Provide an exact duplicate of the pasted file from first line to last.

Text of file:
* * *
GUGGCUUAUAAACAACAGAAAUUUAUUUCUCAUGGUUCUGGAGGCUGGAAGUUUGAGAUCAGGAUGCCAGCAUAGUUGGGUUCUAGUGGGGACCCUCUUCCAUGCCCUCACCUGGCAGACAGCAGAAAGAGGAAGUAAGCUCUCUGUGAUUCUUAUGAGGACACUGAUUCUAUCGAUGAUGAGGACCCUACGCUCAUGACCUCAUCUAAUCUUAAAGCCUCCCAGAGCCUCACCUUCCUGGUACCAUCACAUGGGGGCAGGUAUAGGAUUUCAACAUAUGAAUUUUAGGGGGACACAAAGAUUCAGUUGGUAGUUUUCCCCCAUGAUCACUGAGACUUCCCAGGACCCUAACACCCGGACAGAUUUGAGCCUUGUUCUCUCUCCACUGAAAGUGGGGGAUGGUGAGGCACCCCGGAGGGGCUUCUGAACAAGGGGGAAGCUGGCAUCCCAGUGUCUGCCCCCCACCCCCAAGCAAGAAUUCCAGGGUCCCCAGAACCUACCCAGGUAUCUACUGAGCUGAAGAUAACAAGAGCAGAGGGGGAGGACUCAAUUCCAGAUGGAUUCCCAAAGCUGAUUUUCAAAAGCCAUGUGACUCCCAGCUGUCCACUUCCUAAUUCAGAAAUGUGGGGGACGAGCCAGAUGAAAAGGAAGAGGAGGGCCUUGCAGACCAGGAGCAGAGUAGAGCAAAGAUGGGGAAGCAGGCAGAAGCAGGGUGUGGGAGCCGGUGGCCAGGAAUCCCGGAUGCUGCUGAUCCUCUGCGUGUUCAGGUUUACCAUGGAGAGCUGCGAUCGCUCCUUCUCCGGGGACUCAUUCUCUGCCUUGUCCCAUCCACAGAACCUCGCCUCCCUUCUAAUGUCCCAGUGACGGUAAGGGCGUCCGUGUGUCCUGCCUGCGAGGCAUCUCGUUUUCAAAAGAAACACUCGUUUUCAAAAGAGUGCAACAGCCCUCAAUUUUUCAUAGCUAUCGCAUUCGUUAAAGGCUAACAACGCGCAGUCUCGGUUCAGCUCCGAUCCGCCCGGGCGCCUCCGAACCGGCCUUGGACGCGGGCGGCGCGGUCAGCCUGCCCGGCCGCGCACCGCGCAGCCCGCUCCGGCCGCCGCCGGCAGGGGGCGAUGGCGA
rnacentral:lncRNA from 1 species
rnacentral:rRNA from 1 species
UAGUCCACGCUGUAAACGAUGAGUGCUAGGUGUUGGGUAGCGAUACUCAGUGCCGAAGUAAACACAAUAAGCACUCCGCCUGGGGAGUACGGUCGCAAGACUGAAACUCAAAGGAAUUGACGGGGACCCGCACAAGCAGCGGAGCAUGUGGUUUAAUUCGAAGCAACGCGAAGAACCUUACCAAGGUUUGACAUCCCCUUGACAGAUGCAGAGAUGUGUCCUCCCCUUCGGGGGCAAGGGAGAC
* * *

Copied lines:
GUGGCUUAUAAACAACAGAAAUUUAUUUCUCAUGGUUCUGGAGGCUGGAAGUUUGAGAUCAGGAUGCCAGCAUAGUUGGGUUCUAGUGGGGACCCUCUUCCAUGCCCUCACCUGGCAGACAGCAGAAAGAGGAAGUAAGCUCUCUGUGAUUCUUAUGAGGACACUGAUUCUAUCGAUGAUGAGGACCCUACGCUCAUGACCUCAUCUAAUCUUAAAGCCUCCCAGAGCCUCACCUUCCUGGUACCAUCACAUGGGGGCAGGUAUAGGAUUUCAACAUAUGAAUUUUAGGGGGACACAAAGAUUCAGUUGGUAGUUUUCCCCCAUGAUCACUGAGACUUCCCAGGACCCUAACACCCGGACAGAUUUGAGCCUUGUUCUCUCUCCACUGAAAGUGGGGGAUGGUGAGGCACCCCGGAGGGGCUUCUGAACAAGGGGGAAGCUGGCAUCCCAGUGUCUGCCCCCCACCCCCAAGCAAGAAUUCCAGGGUCCCCAGAACCUACCCAGGUAUCUACUGAGCUGAAGAUAACAAGAGCAGAGGGGGAGGACUCAAUUCCAGAUGGAUUCCCAAAGCUGAUUUUCAAAAGCCAUGUGACUCCCAGCUGUCCACUUCCUAAUUCAGAAAUGUGGGGGACGAGCCAGAUGAAAAGGAAGAGGAGGGCCUUGCAGACCAGGAGCAGAGUAGAGCAAAGAUGGGGAAGCAGGCAGAAGCAGGGUGUGGGAGCCGGUGGCCAGGAAUCCCGGAUGCUGCUGAUCCUCUGCGUGUUCAGGUUUACCAUGGAGAGCUGCGAUCGCUCCUUCUCCGGGGACUCAUUCUCUGCCUUGUCCCAUCCACAGAACCUCGCCUCCCUUCUAAUGUCCCAGUGACGGUAAGGGCGUCCGUGUGUCCUGCCUGCGAGGCAUCUCGUUUUCAAAAGAAACACUCGUUUUCAAAAGAGUGCAACAGCCCUCAAUUUUUCAUAGCUAUCGCAUUCGUUAAAGGCUAACAACGCGCAGUCUCGGUUCAGCUCCGAUCCGCCCGGGCGCCUCCGAACCGGCCUUGGACGCGGGCGGCGCGGUCAGCCUGCCCGGCCGCGCACCGCGCAGCCCGCUCCGGCCGCCGCCGGCAGGGGGCGAUGGCGA
rnacentral:lncRNA from 1 species
rnacentral:rRNA from 1 species
UAGUCCACGCUGUAAACGAUGAGUGCUAGGUGUUGGGUAGCGAUACUCAGUGCCGAAGUAAACACAAUAAGCACUCCGCCUGGGGAGUACGGUCGCAAGACUGAAACUCAAAGGAAUUGACGGGGACCCGCACAAGCAGCGGAGCAUGUGGUUUAAUUCGAAGCAACGCGAAGAACCUUACCAAGGUUUGACAUCCCCUUGACAGAUGCAGAGAUGUGUCCUCCCCUUCGGGGGCAAGGGAGAC